Making mental health a priority is good business sense

Disruptions in work spaces. Employees going through life changes. Nuances in company culture. Sound familiar? The mindset and perspective of employees has shifted in the past few years, making mental health initiatives a priority. Whether your team’s in the office or at home, they keep the company running. Making mental health a priority? Here’s why it makes sense.

From being displaced, watching people become displaced, experiencing personal and professional losses, or shifting their careers, there have been a lot of challenges to overcome. As an employer, you must recognize these challenges and make a concerted effort to show empathy and understanding. This fortifies the organization and creates a culture where employees come first. Checking in on those employees is the first step in gaining their trust.

Is employee mental health that serious?

It is. Unfortunately, 75% of HR professionals don’t consider the well-being of employees and their mental health as a top priority. That means many companies are neglecting what could become a firestorm if not addressed.

Stress, depression, and worrying about what’s next in the pipeline as it relates to unforeseen disasters and basic living needs are high on the list of factors affecting employees. Your HR team should be working with management to create an environment where employees and their mental health is important to themselves and their families, and to show up as their best selves for work.

How to support employees and their mental health:

The needs of each employee are different, but there are ways to address everyone from a high-level standpoint. Having an Employee Assistance Program (EAP) helps the company with well-care initiatives and employees with specific needs. Here are a few suggestions:

  • Have a conversation
    You shouldn’t be afraid to have mental health discussions with employees. Whether it’s as a group during a team meeting or 1:1 between manager and employee, they need to feel that their mental health is important. Ask employees if they need additional support and use the feedback to develop a system where active listening and taking action are a priority.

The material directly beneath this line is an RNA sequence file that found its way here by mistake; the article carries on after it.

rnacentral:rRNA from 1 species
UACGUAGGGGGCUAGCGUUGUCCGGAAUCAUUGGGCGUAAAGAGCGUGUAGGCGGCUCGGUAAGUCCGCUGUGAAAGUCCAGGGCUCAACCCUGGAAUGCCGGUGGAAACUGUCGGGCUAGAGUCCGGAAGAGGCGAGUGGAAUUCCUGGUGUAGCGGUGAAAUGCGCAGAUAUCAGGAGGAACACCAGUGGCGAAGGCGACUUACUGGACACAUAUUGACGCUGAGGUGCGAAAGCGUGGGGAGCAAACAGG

• Mental health days
    Taking off from work used to be taboo prior to the pandemic, but with so much going on, employees need to know they can take a day off to handle business or just get away from it all. Employees should never feel as if they will have repercussions for taking leave if it’s approved. It’s never a good thing to learn after the fact that an employee was going through hard times and couldn’t address their needs because they didn’t have someone available to cover for them or felt as if they would be reprimanded. Work-life balance is just as important as doing a good job.
  • Be flexible
    Flexibility is important for you as an employer, and for employees. Tapping into your empathetic side not only shows that you care but understand how life situations have changed. Some employees may not feel comfortable returning to an office environment, while others welcome it. Some have special arrangements for their children where they now need the flexibility to do something different. Flextime and hybrid options help increase productivity, heightens morale, and. empowers employees to do what’s best for them while they get their work done. In this era of digital transformation, flexible work arrangements are very attractive to new talent seeking employment.
  • Make wellness a priority
    Engaging employees creates a standard where investing in wellness programs and mental health training have happier teams because they are more aware, have a better understanding and are equipped with the tools to support each other in their mental health. This allows team members to assist in facilitating mental health assistance if needed.
  • Shift the narrative
    Healthy cultures have happy employees. Shifting the narrative to one of “we’re all in this together” instead of “everyone is on their own” helps employees avoid burnout, become trusting of the management team and are more productive and engaged with the organization. The goal is to have an environment where “not being okay” doesn’t ostracize your employees but has the opposite effect, where everyone from the top-down rallies around them.
  • Integrative Management
    Your leaders of the organization should be front and center leading the charge. This means they should be encouraging breaks, being more hands on with employees, setting good examples to follow and demonstrating that they are people too.

Successfully navigating the nuances of mental health within your organization may be challenging, but it is well worth the time and effort to implement and execute initiatives that not only embrace good mental health but empowers employees to put self-care first.